Tadpole terrors

Driven by guilt, I set the alarm for an early hour and watered the top vegetable garden first thing this morning. The peas and beans up there seem to thrive on neglect right now.

Nothing beats that cool breeze in a cloudless sky, sun threatening to burst over the mountain and bake for another day. It has been two whole weeks of scorchio on the French weather map: little bright sunshine symbols over all of the Ardeche. And no sign of rain in the next few days either.

The row of land cress is growing well as is the curly kale. Although some insects are giving it a good beating. I threw a whole bucket of water on the poor rhubarb – it really could do with being shaded in this heat. And did the same of the asparagus. It is doing surprisingly well and has plenty of fronds waving in the breeze. One year down, three to go.

And speaking of years, we feel that there has been so much achieved in just one year. But finding a good water source for this lovely vegetable garden is going to be a winter priority.

I also need to get more water up to the barrels around the potting shed at the same time. I have used the last of the water on my little flower seedlings today.

Down to the house for some serious hose action on the lower vegetable bed and lawn.
Once the heat died down it was back down to the vineyard with the strimmer. No way was I going to hand pull that number of weeds. Especially as there are so many nettles a lurking. It was short work – but hot under that protective head gear (great orange monster of ear muffs and visor) so the sweat dripped prettily and rather constantly off my nose as I thwacked into the weeds. But done. And now I can spend the weekend tying up the rest of the vines. And just to show you what three weeks of rain will do. Here is a reminder of what this vineyard looked like on the 1st of June.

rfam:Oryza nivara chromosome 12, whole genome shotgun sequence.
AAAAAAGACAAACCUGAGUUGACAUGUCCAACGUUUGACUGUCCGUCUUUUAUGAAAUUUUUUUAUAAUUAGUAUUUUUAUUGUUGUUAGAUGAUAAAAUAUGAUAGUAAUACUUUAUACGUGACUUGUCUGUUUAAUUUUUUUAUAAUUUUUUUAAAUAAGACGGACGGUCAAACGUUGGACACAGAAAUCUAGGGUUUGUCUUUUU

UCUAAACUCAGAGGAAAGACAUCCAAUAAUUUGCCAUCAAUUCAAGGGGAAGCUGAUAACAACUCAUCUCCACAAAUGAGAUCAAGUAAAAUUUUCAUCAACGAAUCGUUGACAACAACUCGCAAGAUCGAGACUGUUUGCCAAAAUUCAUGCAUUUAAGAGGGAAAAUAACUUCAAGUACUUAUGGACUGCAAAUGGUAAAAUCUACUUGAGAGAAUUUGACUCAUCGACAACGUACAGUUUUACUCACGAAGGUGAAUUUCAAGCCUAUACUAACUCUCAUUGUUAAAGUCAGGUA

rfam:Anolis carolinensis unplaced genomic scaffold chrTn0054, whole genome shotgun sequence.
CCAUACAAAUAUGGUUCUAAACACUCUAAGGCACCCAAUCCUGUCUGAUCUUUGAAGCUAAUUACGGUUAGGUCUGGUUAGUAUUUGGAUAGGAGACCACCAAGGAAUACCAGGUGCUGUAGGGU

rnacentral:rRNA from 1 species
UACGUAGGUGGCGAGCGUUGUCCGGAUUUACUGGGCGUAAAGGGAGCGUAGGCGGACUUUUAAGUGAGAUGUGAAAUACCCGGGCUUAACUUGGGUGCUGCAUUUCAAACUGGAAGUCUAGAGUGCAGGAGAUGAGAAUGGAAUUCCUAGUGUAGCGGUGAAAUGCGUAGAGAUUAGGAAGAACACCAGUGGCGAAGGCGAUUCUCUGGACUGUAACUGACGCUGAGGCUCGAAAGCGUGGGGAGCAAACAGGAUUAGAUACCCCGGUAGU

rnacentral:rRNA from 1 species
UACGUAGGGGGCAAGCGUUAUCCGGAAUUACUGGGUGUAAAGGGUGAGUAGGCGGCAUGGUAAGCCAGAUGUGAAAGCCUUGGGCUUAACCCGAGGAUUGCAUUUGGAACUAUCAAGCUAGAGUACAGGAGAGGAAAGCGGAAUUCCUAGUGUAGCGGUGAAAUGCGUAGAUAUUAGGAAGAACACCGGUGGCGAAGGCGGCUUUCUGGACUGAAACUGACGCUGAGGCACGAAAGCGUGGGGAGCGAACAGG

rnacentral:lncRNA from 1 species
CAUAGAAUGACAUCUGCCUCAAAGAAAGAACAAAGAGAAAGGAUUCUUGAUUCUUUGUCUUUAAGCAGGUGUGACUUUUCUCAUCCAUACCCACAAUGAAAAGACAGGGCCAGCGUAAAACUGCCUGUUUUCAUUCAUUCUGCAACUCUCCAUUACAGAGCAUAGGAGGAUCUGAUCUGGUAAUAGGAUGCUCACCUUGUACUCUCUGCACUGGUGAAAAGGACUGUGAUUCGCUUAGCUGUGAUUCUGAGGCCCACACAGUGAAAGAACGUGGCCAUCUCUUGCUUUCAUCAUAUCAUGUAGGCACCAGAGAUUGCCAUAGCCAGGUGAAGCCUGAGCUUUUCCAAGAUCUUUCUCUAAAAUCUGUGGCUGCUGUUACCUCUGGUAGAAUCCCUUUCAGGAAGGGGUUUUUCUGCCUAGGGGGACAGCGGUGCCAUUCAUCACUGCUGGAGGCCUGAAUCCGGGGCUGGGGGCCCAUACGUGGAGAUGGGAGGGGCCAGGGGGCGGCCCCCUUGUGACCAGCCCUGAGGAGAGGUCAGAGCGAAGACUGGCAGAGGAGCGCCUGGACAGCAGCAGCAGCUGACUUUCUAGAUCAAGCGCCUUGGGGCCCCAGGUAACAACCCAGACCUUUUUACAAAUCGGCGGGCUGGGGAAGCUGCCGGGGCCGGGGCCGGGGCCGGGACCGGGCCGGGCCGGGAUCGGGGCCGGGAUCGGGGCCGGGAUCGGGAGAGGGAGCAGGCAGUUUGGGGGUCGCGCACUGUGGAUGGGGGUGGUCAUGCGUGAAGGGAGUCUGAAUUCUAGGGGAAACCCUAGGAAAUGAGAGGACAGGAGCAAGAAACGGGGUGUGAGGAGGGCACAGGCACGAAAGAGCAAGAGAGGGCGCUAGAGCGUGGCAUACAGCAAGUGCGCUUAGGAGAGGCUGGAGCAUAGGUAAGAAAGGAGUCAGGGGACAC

But then it was back indoors to make our very first white currant and red currant tarts of the year. Didn’t know we even had a white currant bush. It produced no fruit last year at all. A bit tart. And tricky to destalk. But dump a load of sugar on any tart thing and it hides all bitter sins.

Oh yes, forgot to mention. We sorted the hose. The water trough in the courtyard receives water from the overflow of the tank. It’s way up in the hill and is gushing down right now. And I always found it such a shame that it would overflow onto the pebbles in the courtyard rather than be used usefully on tomato plants instead.
So with a bit of deft DIY it is done. Now all I need to do is untwist the hose and out the lovely spring water flows. Only drawback -there are some tiny tadpoles in the trough that discover life can be very exciting but short indeed. If they are curious about the green snake like contraption sitting on the bottom of their pool they get sucked in. And end up fifty feet away shooting out the end of the hose and landing on the cabbage bed.